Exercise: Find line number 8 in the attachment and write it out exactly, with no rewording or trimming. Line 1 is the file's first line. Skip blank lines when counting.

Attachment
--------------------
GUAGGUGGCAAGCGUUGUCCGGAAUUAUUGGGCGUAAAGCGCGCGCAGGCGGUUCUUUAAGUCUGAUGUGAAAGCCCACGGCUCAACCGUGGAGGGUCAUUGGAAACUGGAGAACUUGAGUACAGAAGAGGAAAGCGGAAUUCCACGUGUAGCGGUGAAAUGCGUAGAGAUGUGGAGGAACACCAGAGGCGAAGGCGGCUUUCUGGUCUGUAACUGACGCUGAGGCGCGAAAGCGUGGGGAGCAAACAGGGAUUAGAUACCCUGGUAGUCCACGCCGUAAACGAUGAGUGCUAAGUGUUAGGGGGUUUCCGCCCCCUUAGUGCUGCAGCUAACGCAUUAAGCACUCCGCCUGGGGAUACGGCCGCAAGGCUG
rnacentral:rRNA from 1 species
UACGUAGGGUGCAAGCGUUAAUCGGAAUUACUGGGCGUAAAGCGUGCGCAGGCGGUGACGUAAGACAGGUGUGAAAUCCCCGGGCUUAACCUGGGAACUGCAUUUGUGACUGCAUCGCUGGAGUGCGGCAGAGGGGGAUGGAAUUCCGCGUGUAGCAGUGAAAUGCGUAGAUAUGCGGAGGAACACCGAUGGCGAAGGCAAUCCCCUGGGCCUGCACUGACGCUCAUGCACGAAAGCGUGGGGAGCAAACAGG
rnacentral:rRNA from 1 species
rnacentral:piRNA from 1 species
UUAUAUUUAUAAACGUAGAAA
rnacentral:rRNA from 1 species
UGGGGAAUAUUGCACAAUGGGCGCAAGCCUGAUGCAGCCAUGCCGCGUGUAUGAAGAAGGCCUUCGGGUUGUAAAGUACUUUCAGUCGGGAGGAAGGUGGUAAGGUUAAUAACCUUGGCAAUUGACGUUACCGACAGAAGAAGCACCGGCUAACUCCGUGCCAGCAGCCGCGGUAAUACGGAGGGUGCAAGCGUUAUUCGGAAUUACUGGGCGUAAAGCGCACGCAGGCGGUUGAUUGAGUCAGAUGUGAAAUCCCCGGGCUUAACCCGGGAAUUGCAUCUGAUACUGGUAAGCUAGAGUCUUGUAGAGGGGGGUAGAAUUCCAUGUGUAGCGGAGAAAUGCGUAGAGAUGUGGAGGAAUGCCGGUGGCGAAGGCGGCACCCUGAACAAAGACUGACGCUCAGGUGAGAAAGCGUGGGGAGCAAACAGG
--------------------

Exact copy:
UGGGGAAUAUUGCACAAUGGGCGCAAGCCUGAUGCAGCCAUGCCGCGUGUAUGAAGAAGGCCUUCGGGUUGUAAAGUACUUUCAGUCGGGAGGAAGGUGGUAAGGUUAAUAACCUUGGCAAUUGACGUUACCGACAGAAGAAGCACCGGCUAACUCCGUGCCAGCAGCCGCGGUAAUACGGAGGGUGCAAGCGUUAUUCGGAAUUACUGGGCGUAAAGCGCACGCAGGCGGUUGAUUGAGUCAGAUGUGAAAUCCCCGGGCUUAACCCGGGAAUUGCAUCUGAUACUGGUAAGCUAGAGUCUUGUAGAGGGGGGUAGAAUUCCAUGUGUAGCGGAGAAAUGCGUAGAGAUGUGGAGGAAUGCCGGUGGCGAAGGCGGCACCCUGAACAAAGACUGACGCUCAGGUGAGAAAGCGUGGGGAGCAAACAGG